VARO offers emotional support, information and referrals to community partners based on the their needs, personal advocacy, emergency food, emergency clothing, emergency transportation, emergency shelter (up to 3 days). We can assist in helping them fill out GHURA applications and Pro Se forms (self representation for protective orders).

3. Who is your target audience?

Primarily women and children of domestic violence, sexual assault, abuse, other violent crimes and traumatic events. We also service men. 

4. What are your hours of operation and what is the best way for people to reach you that are interested in assistance?

Our 24-hour hotline: (671) 477-5552

Also, VARO’s Facebook account, but because of safety reasons if someone messages us on Facebook we will instruct them to then call our hotline.

5. What resources does VARO offer?

The expertise of our advocates, emergency clothing, food, shelter and transportation.

6. Looking at current events, how do you foresee these recent events in your field of work affecting your organization and its work?

Decreased Federal funding will mean less money available for victim services. Increased crime rates will mean more people needing services from VARO.

7.  Can you discuss your community partnerships and how they contribute to the overall success of the VARO individually.

We do heavily rely on our community partners. If a client needs a protective order we refer them to Guam Legal Services - Disability Law Center and Public Defender.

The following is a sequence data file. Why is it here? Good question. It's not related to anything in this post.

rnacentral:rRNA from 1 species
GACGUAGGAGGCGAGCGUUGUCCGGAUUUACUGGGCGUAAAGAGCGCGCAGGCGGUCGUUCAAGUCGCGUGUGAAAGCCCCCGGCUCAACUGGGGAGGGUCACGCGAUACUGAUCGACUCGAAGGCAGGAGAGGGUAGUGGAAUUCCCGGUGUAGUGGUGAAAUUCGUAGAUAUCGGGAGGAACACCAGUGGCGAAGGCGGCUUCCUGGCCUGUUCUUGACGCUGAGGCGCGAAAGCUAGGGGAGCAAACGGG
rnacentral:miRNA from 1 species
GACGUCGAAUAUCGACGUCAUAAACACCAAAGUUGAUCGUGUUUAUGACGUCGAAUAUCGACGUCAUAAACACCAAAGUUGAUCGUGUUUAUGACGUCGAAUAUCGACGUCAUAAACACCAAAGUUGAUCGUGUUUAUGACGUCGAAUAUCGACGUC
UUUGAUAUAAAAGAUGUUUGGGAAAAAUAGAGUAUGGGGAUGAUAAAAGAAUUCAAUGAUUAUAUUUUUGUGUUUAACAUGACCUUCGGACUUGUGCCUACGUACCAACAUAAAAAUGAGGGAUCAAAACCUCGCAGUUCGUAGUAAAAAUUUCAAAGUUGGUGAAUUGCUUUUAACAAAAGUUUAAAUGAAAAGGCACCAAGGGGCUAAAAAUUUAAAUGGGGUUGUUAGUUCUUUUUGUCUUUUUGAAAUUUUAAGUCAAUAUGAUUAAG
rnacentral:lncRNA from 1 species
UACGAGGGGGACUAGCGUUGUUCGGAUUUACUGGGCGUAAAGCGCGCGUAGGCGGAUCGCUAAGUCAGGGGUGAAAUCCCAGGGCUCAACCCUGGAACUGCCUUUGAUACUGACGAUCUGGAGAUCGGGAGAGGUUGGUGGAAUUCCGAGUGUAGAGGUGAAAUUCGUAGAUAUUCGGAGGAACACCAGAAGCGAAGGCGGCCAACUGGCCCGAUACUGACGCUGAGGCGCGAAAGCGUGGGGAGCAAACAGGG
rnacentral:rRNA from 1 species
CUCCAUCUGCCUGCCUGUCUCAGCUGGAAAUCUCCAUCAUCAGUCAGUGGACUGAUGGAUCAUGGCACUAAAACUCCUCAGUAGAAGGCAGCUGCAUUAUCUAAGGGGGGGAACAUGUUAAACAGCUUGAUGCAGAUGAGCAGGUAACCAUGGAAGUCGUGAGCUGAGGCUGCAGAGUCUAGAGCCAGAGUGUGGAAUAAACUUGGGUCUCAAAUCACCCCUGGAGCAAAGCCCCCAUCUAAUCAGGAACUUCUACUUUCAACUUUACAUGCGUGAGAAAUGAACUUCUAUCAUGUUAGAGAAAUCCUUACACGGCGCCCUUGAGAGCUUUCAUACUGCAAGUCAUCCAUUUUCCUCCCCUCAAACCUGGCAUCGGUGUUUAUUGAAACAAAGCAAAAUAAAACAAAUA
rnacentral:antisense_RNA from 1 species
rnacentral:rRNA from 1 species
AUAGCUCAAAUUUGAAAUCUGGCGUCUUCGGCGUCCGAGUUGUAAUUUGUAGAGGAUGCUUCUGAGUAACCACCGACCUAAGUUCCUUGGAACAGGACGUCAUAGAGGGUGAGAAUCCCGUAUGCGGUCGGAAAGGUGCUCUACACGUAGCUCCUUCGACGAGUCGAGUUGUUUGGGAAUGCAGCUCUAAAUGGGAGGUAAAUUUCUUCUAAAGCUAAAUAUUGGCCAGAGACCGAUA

For sexual assault cases we refer them to Healing Hearts Crisis Center and can be present with them during their exam, if they wish. 

Also, Alee Shelter provides longer term shelter for abused women and their children that we cannot provide due to our funding. We also refer clients to Oasis Empowerment Center for transitional housing.

8. Can you touch on the history of VARO and how the organization is set up?

Guam Task Force on Family abuse and Sexual Assault established VARO in 1982 and Sexual Abuse, Before "VARO" it was called CARO, Counseling Advocates Reaching Out

9. Any upcoming plans or projects that our island community should be aware of?

We will continue to service all victims of violent crime and traumatic events. We will continue to recruit volunteers to become advocates and/or support volunteers.

10. Why do you think your work is important?

I truly feel my work is important because there are people out there that have experienced traumatic events and violent crimes and they need our help. We assist victims and survivors by providing our free services. We want them to know we are here for them, they’re are not alone, and there are free services including ours.